The Conversation

Directed By: Francis Ford Coppola
Written By: Francis Ford Coppola
Starring: Gene Hackman, John Cazale, Harrison Ford, Allen Garfield

As though to flex his artistic musthe_conversation_poster_1428698938_crop_550x790cle, slipped between parts 1 and 2 of his epic Godfather trilogy Francis Ford Coppola made The Conversation, an unnerving mood piece and super slow burning thriller which could hardly have been released at a more apt time.

The film signals a complete departure from Coppola’s earlier crime masterpiece. Where The Godfather sprawled with enormous vastity, The Conversation offers a much narrower scope, an intimate portrait which sucks us with crushing force into a feeble mind and traps us there, haunting us with a nagging distrust between reality and experience.

Released in synchronicity to Watergate and the moral ambivalence of Vietnam, Coppola’s chillingly bleak story of a conflicted surveillance expert taps directly into its time. Gene Hackman plays the expert, Harry Caul, a man who finds his only steady companionship from the dials on his recorders and the solos from his saxophone which he improvises over jazz records. Caul is the most revered man in his field, and his current assignment is one demanding massive prowess. He must record the conversation of a young couple (Cindy Williams and Frederic Forest) in bustling San Francisco Union Square, for what purpose and who exactly is unknown.

The task is business as usual at first, but Harry’s concerns are flagged after a meeting with his employer’s assistant, a reptilian Harris Ford who lingers like a spectre in the background of Harry’s consciousness after he rebuffs Ford’s attempts to acquire the goods. Something is obviously amiss, and in a tribute of narrative to Michaelangelo Antonioni’s Blow-Up, Caul obsessively filters through his recordings, looking for the horrible truth which lies buried somewhere between the ambiguous dialogue heard on his tapes. In particular there are 8 words which loom in Caul’s ears, “he’d kill us if he got the chance”.

Despi9152842_origte the mystery and prospect of murder, the thrills are sourced by the slowly accumulated sense of dread and our confinement to such a troubled mind. This is a psychological film, an exercise in tone. The plot, as far as being a whodunit, or rather a watshedun, is glacial. It tests patience, but the true drama is found between the lines of the mystery. It’s in the character of Harry, a wonderfully austere realisation of guilt and paranoia.  Harry operates under a strict code of professionalism, he listens in from a great emotional distance (or at least he preaches this as essential to his line of work), his art an imitation of his life, or perhaps the other way around. We sense that Caul’s distancing is a defence mechanism, freeing him from any humanitarian responsibility. In an earlier assignment, now famed among the surveillance community, Harry’s wiretapping would lead to a double murder. He never verbalises his guilt over this, but it manifests itself strongly. His existence is now entirely enclosed. He covets privacy, he says he owns nothing personal besides his keys. When his landlord leaves a birthday present in his triple-locked apartment, he’s horrified and angry, he could hardly imagine anything more intrusive. He wants no obligations to his fellow man, his life characterised by an anti-social desperation and paranoia, living as though a muted Big Brother resides over his every motion. He’s ostracised himself, turning to a devout Catholicism to ail his conscience, but this is a man in crisis, his mind a morose minefield of isolation and alarm as he fixates on his new assignment, his last helpless plea for redemption.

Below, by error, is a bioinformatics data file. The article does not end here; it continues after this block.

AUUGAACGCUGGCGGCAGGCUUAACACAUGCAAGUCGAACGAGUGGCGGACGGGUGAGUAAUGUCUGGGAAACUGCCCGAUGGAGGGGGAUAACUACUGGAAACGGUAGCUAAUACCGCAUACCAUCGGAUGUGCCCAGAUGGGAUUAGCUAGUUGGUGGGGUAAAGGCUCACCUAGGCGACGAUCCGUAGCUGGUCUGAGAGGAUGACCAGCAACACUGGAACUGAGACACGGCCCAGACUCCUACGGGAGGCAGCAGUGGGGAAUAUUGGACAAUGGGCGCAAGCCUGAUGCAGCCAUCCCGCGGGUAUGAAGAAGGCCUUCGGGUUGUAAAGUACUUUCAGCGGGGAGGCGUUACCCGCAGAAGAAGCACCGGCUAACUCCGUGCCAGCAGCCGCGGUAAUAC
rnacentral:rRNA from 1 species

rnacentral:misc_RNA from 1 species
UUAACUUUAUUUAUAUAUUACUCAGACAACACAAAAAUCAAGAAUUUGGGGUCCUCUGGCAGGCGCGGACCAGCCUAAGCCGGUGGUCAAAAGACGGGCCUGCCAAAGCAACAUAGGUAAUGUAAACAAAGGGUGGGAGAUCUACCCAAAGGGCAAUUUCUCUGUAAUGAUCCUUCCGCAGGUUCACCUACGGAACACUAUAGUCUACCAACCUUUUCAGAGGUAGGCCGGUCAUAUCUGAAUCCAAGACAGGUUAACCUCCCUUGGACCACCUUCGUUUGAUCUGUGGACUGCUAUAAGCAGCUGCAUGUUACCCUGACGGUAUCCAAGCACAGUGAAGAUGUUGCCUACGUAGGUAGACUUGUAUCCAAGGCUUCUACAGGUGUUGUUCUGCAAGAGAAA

It’sconversation a cold, uncomfortable existence, augmented by David Shire’s superb score, an icy dissonant jazz which acts like a Penrose stairs of piano, endlessly cycling into a swallowing current. Gene Hackman’s performance is also note-perfect (the real tragedy of the 1975 Oscars was overlooking Hackman for Best Actor). It’s a tight-lipped role where little is made explicit. There are only two moments in the film where Harry tries to put his anguish into words. The first is in a confessional where he flags his guilt about his previous case for the first time. He’s adamant that he should be absolved of all responsibility, his job isn’t to listen, it’s to simply record, but we don’t believe Harry for a second. Why else would he be there if he didn’t feel he owed something morally? The second is a dream where he chases the young lady of his recordings, spewing odd admissions about his youth. This is the closest Harry comes to fluency, unveiling burrowed anxieties as he speaks about his sicknesses as a child and his odd disaffection to death; his cryptic confessions at once a desperate plea for interaction and a symbol of his mounting sense of obligation. It’s the idiosyncrasies of the performance that make Harry’s suffering so palpable. He carries a meagre stench; moving twitchily and seeming to choke on every word.  Hackman dredges a history of fragility to Caul’s skin, bringing the anxiety of the film to the surface with it.

Although the mechanics of the plot mightn’t feel so, Coppola’s film is a taut exhibition in atmosphere. In his near pathetic weakness, Harry Caul is one of cinema’s great battlers, and Coppola makes his obsession and paranoia our own. Whether or not we can trust Harry’s perceptions seems beside the point. We are absorbed in his discomfort, his pain fueling The Conversation’s truly distressing vison.



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